Finally they departed with thinned numbers and scant spoils. Heribert was hailed as savior of the region, just as other champions, notably the great Count Odo at the siege of Paris, won similar successes elsewhere on a larger scale. The vikings had departed, but Heribert's tower remained. So began the castle of St. Heribert had taken possession ostensibly as the king's "man," claiming some royal commission, but as the power of Charlemagne's feeble rulers dwindled, Heribert's heirs presently forgot almost all their allegiance to their distant royal "master.
Once erected, the lords of those castles were really little princes, able to defy the very weak central authority. To capture a considerably less formidable fortalice than St. Aliquis implied a tedious siege, such as few kings would undertake save in an emergency. The result was that ere A.
The person they genuinely feared was the local Duke of Quelqueparte, another feudal seigneur with more followers and more castles than they. Partly from prudence, partly from necessity, they had "done homage" to him, become "his men," and as his vassals rode to 7 his wars.
The dukes, in turn, full of their own problems, and realizing the strength of St. Aliquis, seldom interfered in the fief, save on very serious occasions. The barons of St. Aliquis therefore acted very nearly like sovereign princes. They, of course, had their own gallows with power of life and death, waged their own personal wars, made treaties of peace, and even coined a little ill-shapen money with their own superscription. In the recent centuries, however, the barony had changed hands several times.
About the lord had the folly to refuse his ordinary feudal duty to the Duke of Quelqueparte. The latter roused himself, enlisted outside aid, and blockaded and starved out the castle of St. The unfortunate baron—duly adjudged "traitor and felon" by his "peers," his fellow vassals—was beheaded. The duke then bestowed the fief, with the hand of the late owner's niece, upon Sire Rainulf, a younger son of a south-country viscount, who had visited the duke's court, bringing with him an effective battle-ax and fifty sturdy followers.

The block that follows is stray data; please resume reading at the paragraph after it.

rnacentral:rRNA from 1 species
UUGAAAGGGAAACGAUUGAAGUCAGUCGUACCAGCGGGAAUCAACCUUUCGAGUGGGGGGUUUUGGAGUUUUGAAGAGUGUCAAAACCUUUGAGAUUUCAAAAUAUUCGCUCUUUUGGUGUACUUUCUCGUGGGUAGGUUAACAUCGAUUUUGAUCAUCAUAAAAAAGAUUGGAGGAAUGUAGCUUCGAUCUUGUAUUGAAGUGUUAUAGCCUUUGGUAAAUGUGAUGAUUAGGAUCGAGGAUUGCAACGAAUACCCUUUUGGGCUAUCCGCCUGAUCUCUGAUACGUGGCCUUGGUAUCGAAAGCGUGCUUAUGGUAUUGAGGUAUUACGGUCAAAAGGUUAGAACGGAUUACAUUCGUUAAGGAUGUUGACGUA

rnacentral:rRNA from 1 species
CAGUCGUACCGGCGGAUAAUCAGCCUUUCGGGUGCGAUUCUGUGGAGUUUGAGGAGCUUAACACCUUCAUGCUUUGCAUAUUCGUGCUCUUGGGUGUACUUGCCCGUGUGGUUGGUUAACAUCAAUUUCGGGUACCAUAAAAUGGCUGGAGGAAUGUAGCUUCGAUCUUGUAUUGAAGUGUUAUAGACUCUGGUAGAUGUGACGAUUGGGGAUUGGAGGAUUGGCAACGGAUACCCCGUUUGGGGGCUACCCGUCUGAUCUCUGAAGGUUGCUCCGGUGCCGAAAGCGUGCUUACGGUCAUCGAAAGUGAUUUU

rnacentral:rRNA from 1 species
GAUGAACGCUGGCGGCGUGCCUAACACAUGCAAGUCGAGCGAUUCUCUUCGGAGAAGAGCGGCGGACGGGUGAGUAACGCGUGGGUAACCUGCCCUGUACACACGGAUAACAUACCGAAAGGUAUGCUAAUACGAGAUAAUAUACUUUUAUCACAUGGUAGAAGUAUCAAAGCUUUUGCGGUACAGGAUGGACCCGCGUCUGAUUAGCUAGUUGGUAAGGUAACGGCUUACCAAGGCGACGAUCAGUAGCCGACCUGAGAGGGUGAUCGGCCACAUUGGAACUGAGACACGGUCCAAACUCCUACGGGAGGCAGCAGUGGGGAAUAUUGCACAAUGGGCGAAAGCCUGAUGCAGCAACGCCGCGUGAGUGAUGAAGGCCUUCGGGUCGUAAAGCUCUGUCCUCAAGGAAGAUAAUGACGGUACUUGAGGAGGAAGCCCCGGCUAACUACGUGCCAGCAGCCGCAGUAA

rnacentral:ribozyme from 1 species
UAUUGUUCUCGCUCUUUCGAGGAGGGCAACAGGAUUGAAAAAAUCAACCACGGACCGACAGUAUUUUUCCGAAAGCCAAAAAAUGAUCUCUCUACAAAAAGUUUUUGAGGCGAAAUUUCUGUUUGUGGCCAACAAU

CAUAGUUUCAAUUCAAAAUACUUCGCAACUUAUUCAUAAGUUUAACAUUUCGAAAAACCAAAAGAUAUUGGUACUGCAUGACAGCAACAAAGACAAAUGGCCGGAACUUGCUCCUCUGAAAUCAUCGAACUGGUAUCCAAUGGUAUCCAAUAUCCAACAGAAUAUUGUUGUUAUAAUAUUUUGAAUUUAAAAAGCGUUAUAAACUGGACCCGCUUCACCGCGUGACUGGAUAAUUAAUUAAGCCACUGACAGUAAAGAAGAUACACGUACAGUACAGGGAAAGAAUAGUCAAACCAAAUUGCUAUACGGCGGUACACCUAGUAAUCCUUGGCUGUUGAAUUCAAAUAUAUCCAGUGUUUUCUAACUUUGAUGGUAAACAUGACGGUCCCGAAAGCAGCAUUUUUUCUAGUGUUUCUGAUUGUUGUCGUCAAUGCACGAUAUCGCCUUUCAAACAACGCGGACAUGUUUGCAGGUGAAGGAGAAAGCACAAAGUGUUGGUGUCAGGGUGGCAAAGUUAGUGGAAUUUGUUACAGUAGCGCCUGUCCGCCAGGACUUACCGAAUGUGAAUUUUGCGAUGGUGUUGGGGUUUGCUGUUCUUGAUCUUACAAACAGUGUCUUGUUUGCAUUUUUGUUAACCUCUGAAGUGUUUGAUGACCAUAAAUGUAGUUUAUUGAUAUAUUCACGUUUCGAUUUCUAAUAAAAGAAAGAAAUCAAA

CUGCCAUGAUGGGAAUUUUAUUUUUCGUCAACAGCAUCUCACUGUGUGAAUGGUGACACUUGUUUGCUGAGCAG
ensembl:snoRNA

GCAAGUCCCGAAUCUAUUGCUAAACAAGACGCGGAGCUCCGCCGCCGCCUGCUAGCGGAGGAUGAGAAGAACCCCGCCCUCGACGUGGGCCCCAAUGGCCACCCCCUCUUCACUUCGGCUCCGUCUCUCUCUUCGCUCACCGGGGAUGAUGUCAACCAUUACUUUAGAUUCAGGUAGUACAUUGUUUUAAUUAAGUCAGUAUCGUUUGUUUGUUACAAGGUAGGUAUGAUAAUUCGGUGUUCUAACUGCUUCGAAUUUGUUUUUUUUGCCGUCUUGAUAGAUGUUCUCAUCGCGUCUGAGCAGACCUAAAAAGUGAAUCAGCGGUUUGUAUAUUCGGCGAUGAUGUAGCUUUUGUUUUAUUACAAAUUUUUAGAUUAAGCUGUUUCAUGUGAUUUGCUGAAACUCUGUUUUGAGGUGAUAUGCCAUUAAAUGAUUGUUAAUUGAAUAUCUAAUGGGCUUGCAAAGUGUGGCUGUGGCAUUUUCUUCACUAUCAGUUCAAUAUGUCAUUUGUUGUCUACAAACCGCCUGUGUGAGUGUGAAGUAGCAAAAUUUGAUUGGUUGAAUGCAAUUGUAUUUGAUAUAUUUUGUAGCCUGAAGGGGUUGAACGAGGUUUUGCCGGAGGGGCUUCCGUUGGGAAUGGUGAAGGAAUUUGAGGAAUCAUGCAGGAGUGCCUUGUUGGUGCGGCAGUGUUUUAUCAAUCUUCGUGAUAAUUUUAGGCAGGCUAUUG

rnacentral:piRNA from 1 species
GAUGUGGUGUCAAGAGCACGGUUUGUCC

Sire Rainulf, however, died while in the First Crusade. The reigning duke next tried to give the barony to another favorite warrior, but the son of the late baron proved himself of sturdy stuff. He fought off his suzerain and enlisted allies from Burgundy. The duke was forced, therefore, to leave him in peace. Presently, about , another baron died, survived 8 only by a daughter.
Her uncles and cousins did their best to expel this poor lady and induced the suzerain duke to close his eyes to their deeds, but, fortunately, the new baroness had been very pious. The influence of the great St.
Bernard of Clairvaux was exerted, thereby persuading King Louis VII to warn the duke that if he could not protect his vassals "the king would do justice. He left two sons, Garnier and Henri. Sire Henri, the younger, lived at the inferior castle of Petitmur, went on the Fourth Crusade , and perished in the fighting around Constantinople ere the French and Venetians sacked the city.
Garnier, the elder, received, of course, the great castle. It is well said by the monks that the blessed feel joys in paradise all the keener because a little earlier they have escaped from the pangs and fires of purgatory. Certes, for all laymen and clerics on the St. Aliquis fiefs, there was purgatory enough in Baron Garnier's day to make the present "sage" rule of Baron Conon seem tenfold happy. The late seigneur ruled about twenty years, filled up with one round of local wars, oppression of the small, and contentions with the great.
Baron Garnier was assuredly a mighty warrior. His face was one mass of scars and he had lost an ear. Plenty of landless knights and wolfish men at arms rioted around his donjon.
His provosts and foresters knew how to squeeze the poor of the seigneury, and by this income and by the ransoms from numerous captives he was able to rebuild the castle of St. Aliquis according to the first military art of the day. But his sins were more than the hairs of his grizzled head.